• Gunvault SpeedVault SV500 gun safe- For a single handgun, the Gunvault Speedvault SV500 gun safe got great reviews. It mounts in small spaces, easy to use and offers electronic entry access. The Gunvault Speedvault SV500 gun safe got great reviews.
  • SentrySafe G1459E 14-Gun Electronic Lock Safe, Black Powder Coat- The SentrySafe G1459E 14-Gun Electronic Lock Safe, Black Powder Coat received 4 1/2 stars for its features. Standing at 59.0 - Inches in height and 21 inches in width, it can store multiple weapons. It contains 3 steel live locking bolts and 3 dead bolts as well as it contains a hardened steel plate that protects from drill attack.
  • Stack-On PDS-500 Drawer Safe with Electronic Lock - The Stack-On PDS-500 Drawer Safe with Electronic Lock received great reviews for being convenient, durable and for offering a key or electronic access. It can store one gun or hold multiple smaller guns such as, 2 compact revolvers and a Compact Semiautomatic Pistol. It is durable, made of thick steel, and can be kept in smaller spaces.
  • Homak HS30103660 8-Gun Security Cabinet, Gloss Black - This gun cabinet received excellent reviews for being a very safe cabinet. It is a hard cabinet to break into. Although this is not considered a safe, but security cabinet, it can hold about 8 rifles and ammo.. It is very well secured and comes highly recommended.

Keep your gun where it belongs, in a safe. When looking for gun safes for sale, review what others are saying about the safe you are interested in to get their feedback. No matter what it is you are looking for, you can find a safe to hold your single gun, or collection of guns. With multiple types of gun safes to choose from, you can have the added security you need and want for your gun.


I’m Begging You to Lock Up Your Guns

December 17th, 2012 | Filed under: Child Proofing, Family Safety, Home Safes, Safes and Lockboxes, Security | No Comments »

Last Friday’s massacre at Sandy Point is heart wrenching. The news is so terrible that I can’t watch as the 24/7 saturation media digs every bit of flesh and detail they can from the gruesome corners of this story. I just can’t stand to watch it, or comprehend how something like that can happen.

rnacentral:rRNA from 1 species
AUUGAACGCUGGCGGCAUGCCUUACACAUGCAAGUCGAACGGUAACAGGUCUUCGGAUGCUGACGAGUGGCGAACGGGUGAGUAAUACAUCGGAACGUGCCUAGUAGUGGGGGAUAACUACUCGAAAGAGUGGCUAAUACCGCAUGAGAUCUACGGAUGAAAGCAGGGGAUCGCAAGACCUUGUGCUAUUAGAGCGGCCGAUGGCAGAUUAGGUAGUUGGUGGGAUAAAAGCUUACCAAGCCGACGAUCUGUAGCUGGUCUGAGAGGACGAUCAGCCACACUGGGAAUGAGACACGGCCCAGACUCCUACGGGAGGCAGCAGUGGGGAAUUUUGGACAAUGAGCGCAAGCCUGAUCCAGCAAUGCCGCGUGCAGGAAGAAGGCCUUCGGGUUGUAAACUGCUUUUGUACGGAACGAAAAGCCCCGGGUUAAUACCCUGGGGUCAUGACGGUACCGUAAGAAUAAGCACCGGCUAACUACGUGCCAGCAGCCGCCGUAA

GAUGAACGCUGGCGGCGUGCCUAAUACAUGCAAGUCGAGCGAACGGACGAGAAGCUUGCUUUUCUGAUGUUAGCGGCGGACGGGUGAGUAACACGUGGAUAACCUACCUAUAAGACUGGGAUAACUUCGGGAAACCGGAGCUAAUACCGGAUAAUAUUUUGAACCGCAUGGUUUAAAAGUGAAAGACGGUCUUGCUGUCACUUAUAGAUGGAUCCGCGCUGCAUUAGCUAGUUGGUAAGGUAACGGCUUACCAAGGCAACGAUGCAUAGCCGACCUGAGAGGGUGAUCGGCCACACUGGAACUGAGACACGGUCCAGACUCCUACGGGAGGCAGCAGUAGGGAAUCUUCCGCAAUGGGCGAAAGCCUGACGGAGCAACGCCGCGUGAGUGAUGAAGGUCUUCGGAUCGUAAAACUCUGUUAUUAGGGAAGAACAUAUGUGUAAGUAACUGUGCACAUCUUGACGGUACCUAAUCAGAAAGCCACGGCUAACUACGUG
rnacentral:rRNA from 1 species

Tragedies like this create firestorm discussions about gun ownership, access to firearms, and the Second Amendment. Unfortunately all of this conversation is too late for those poor souls killed at Sandy Point Elementary.

I understand the reasons to own and keep guns at home, sometime one “at the ready”. Home invasion crimes are often brutal, unforgiving, and happen so quickly that law enforcement can’t respond before terrible harm sometimes comes to the occupants of the home. If you feel like a home invasion is something you can talk your way out of, best of luck to you. If you feel you need a firearm, a shotgun is generally considered your best defense. (I can go into more detail “why”, if anyone is interested.)

But you only need a weapon at arms reach when you can be in control of it. At all other times, if the weapon is outside of your immediate reach and control, secure the damn thing in a safe where only the registered owner knows the combination or carries the keys on them. If you have a “collection” of firearms, you MUST disarm the ones not “at the ready” and store them unloaded, and SHOULD store ammunition separately in it’s OWN fireproof safe.

Keeping guns out of the hands of children, the mentally ill, and thieves is every law-abiding gun-owning citizen’s TOP priority. It’s wise to install a gun safe BEFORE you begin collecting weapons.

Here’s another expert tip: If you can’t afford the safe, you can’t afford the guns.